3. My dad was married previously, so I had a half-sister (may she now rest in peace) who was 30 years my senior by the time I was born, and I had a neice who was 10 years older than me, and a bunch of cousins many years older than me, and I played with all of their children, so this post very much described my family.

    Add in now the fact that my father-in-law just adopted too kids the ages of my own children, and now my kids have an uncle and aunt the same age as them and they hang out and play like brothers and sisters…

  4. since, we’re all contributing honorific titles in our families. here’s mine. my family is hindu-christian mix and there are variations depending on where in kerala you’re from, but this is how nayar hindus (my dad) refers to relatives dad’s elder brother- velliachan, his wife- velliamma dad’s younger brother- kochachan, his wife- kunjamma dad’s sister- mami or ammayi, her husband- maman or ammavan grandfather- appuppen or muthashan or muthachan grandmother- ammumma or muthasi or muthachan

    syrian orthodox christians (my mom) mom’s elder brother- vellichachan, his wife- velliamma mom’s younger brother- kochuchachan, his wife- kunjamma or kochamma mom’s sister- kunjamma, her husband- chachan dad’s sister- ammayi, her husband- chachan grandparents are technically velliammachi and velliappachan, but most kids now use appachan and ammachi

    can anyone else who is malayalee tell me if this is true in their family. i’m curious as to how it changed in mine because we are mixed and also because of regional differences within kerala.

  5. amen! my mom’s siblings married in their twenties, but she waited till she was 37 (lucky me), and was 42 when i came along…which means, yeah, i’m in the same boat as anna…nephews 6 years older than me, 60-year-old cousins et al…me mangled too, i guess!!!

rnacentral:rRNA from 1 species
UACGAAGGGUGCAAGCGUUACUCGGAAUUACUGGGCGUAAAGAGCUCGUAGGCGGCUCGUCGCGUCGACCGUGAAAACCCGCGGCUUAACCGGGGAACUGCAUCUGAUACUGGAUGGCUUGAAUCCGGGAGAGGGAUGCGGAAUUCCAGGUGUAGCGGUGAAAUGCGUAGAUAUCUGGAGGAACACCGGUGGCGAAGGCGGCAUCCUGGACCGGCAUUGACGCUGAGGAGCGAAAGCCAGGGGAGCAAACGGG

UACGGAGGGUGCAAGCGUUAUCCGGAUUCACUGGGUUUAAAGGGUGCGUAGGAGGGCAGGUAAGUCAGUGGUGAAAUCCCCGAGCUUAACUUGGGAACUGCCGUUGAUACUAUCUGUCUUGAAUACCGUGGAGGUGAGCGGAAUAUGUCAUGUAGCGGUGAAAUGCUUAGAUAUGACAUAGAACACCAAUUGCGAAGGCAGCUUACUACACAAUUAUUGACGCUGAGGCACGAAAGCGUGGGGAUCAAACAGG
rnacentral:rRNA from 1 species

6. Also, maybe only other folks of South Indian origin can appreciate this, but my dad always got a kick out of introducing his brother to non-desis, and having them be utterly confused at the fact that they were brothers, but had different “last names.”

    Ummm, can someone please explain this to me? I know, I know… in my defense, I’m a non-desi married to a North-Indian boy (and chachi to an adorable niece).

    I have a feeling the “removed” stuff is only used in Anglo-cultures. I’m from a Slavic country, and of course I think of my cousins’ children as nieces and nephews.

  7. Not sure if someone one-upped me already. My neice had a baby…so what am I to her? Her grand/great aunt (maybe a koach-amma?)… I dunno…

    Still trying to figure out if you are supposed to call older neices “chechy” still…

    Any insight?

  8. Ummm, can someone please explain this to me? I know, I know… in my defense, I’m a non-desi married to a North-Indian boy (and chachi to an adorable niece).

    It’s because of the way naming conventions work in the south. Let’s say a South Indian gentleman is named P.N. Krishnan. Krishnan is actually his first name, the P stands for Puliyur (a place, probably his ancestral village) and N stands for Nagesh (his father’s first name). His brother is going to be P.N. Vijayan (the P and the N stand for the same thing). To an American (or even a non-South Indian), this would seem odd, because technically, the two brothers have the same first names (P.N.) but different last names!

  9. Let’s say a South Indian gentleman is named P.N. Krishnan. Krishnan is actually his first name, the P stands for Puliyur (a place, probably his ancestral village) and N stands for Nagesh (his father’s first name). His brother is going to be P.N. Vijayan (the P and the N stand for the same thing). To an American (or even a non-South Indian), this would seem odd, because technically, the two brothers have the same first names (P.N.) but different last names!

    That’s very interesting! Thanks for explaining it, hema. How would the names be listed on a passport?

  10. “Let’s say a South Indian gentleman is named P.N. Krishnan. Krishnan is actually his first name, the P stands for Puliyur (a place, probably his ancestral village) and N stands for Nagesh (his father’s first name). His brother is going to be P.N. Vijayan (the P and the N stand for the same thing). To an American (or even a non-South Indian), this would seem odd, because technically, the two brothers have the same first names (P.N.) but different last names!”

    this isn’t true for all south indians. it doesn’t work that way in my family. my uncles (father’s and mother’s side) all have the same last names. i think what you said above depends on which part of south india you’re from.

  11. i think what you said above depends on which part of south india you’re from.